In 2017, the Wyoming Legislature passed a bill that allowed licensed, private game farms to collect wild sage grouse eggs, hatch them in captivity, and use them to artificially propagate the imperiled species. Many conservationists pushed back on the bill then and are fighting it again now.
The bill reflected the state’s overwhelming desire to keep the sage grouse off the endangered species list. This desire is shared by a broad group of stakeholders who don’t want to face the complications a listing decision would create if the enigmatic birds and their rapidly disappearing habitat reached a point of no return. The idea is that these farms could replace birds lost to development and other factors.
Because the bill and the practices it permitted were so new, a five-year sunset period was written into the language. This gave private farms interested in partaking in this experiment a half-decade to meet state requirements for licensing and success in collecting, hatching, raising, and breeding sage grouse. Once the sunset period ended, a new bill would then arise to either immortalize private sage grouse game farms or kill the whole idea, based on the success of the trial period.
Five years have since passed, and the writing is on the wall: Only one farm in the entire state successfully met the standards for licensing. According to The Powell Tribune and testimony from the Senate committee hearing, the Diamond Wings Upland Game Bird Farm outside of Powell collected 133 eggs, hatched 110, and has kept 51 of those birds alive thus far. They didn’t provide any proof, however, that those birds would successfully breed and hatch healthy eggs in captivity. The farm also hasn’t demonstrated that any captive-bred, pen-raised birds would eventually survive a reintroduction to the wild, or that reintroduced birds wouldn’t pose disease risk to wild populations. In short, whether private sage grouse game farms can successfully and sustainably boost the state’s population is entirely unknown, and the potential for them to cause damage to that population is all too real.
Despite this bleak outlook, most of the Wyoming Senate is hedging their bets anyway. A bill to remove the Dec. 2022 sunset date and let these practices continue in perpetuity flew through Senate committee last week and cleared the floor with a vote of 26-4. As it goes before House committee tomorrow, March 1, Wyoming’s wildlife science and conservation community is fighting to sway politicians away from the oil and gas-backed legislation and listen to the science instead.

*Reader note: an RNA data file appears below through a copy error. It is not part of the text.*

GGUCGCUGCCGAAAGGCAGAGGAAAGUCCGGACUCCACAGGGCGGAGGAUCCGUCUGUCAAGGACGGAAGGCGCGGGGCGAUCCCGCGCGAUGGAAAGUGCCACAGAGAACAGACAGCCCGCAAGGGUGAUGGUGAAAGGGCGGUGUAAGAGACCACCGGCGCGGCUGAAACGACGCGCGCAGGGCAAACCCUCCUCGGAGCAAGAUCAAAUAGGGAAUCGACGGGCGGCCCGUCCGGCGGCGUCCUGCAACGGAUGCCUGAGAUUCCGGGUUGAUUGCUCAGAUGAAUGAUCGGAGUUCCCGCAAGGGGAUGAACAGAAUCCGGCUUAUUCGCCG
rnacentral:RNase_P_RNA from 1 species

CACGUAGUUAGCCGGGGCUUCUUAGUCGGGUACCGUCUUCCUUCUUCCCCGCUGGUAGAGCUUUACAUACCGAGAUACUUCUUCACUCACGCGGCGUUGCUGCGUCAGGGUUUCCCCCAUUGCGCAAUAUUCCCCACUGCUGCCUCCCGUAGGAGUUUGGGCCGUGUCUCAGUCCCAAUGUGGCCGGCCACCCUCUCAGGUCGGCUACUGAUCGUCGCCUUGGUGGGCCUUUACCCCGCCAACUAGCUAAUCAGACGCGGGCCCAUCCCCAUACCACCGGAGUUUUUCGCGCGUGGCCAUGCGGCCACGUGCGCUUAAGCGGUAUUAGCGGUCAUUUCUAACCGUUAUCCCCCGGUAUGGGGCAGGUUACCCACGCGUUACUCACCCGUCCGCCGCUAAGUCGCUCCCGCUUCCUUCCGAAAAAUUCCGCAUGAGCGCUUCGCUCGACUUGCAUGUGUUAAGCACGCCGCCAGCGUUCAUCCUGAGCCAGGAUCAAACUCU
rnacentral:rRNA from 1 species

“For three administrations in Wyoming, many stakeholders came together and decided to keep the sage grouse on the landscape and off the endangered species list by working on habitat. Habitat is the problem. They have a problem with fragmentation and habitat health,” Jess Johnson, Wyoming Wildlife Federation government affairs director, told MeatEater. “So, just propagating and making more birds to put on a landscape that doesn't have the habitat to support them does not make sense. This is not a sustainable conservation method. None of the conservation groups or the scientists involved think this is a good idea.”
Research about the viability of domestic breeding to support other wild bird populations have not painted a rosy picture. This study suggests that only 4 to 8% of Idaho’s pen-reared ring-necked pheasants survived past six months after being released into the wild. Here’s an article about captive-bred sage grouse efforts in Alberta, where just two hens of the 66 planted birds survived their first year in the wild and only one produced a brood of chicks.
The Alberta captive breeding project is focused on saving Canada’s extremely endangered sage grouse population of around 340 birds while the province works quickly to improve habitat. Meanwhile, the population in the United States still numbers in the hundreds of thousands, but habitat has decreased by an estimated 80% since 1965. In short, while Canada desperately needs more sage grouse right now, the United States desperately needs more habitat to support the sage grouse they already have.
“We don’t solve our mule deer problems with deer farms. Why would we do it with sage grouse?” Johnson said. “In fact, I would argue that in introducing the idea of deer farms, because of chronic wasting disease and everything that has happened since, we have actually further endangered the mule deer.”
All the usual concerns about the privatization of public resources also apply to this issue, Johnson explained. Once the licensed farms have acquired wild eggs, of which they’re allowed to collect 250 a year—removing potentially viable birds from the landscape—the bill also enables the farms to sell the birds and turn a profit.
“This bill allows for the sale of wild, native species for profit in a state that has consistently rejected deer and elk game farming,” Johnson said. “Wyoming rejected it in 1970s and we have held that stance since. It opens the sage grouse population to disease, despite the criteria put in place to keep disease out. It is getting pushback across the scientific community. But it is being heralded as a tool in the toolbox for conservation. Except, if this worked, we would already be doing this as a state.”
The House vote on the bill could happen as early as Wednesday, March 2. If you would like to voice your opinion on Senate File 61, whether you’re a Wyoming resident or not, check out the Wyoming Wildlife Federation’s page on the issue and follow the instructions at the bottom.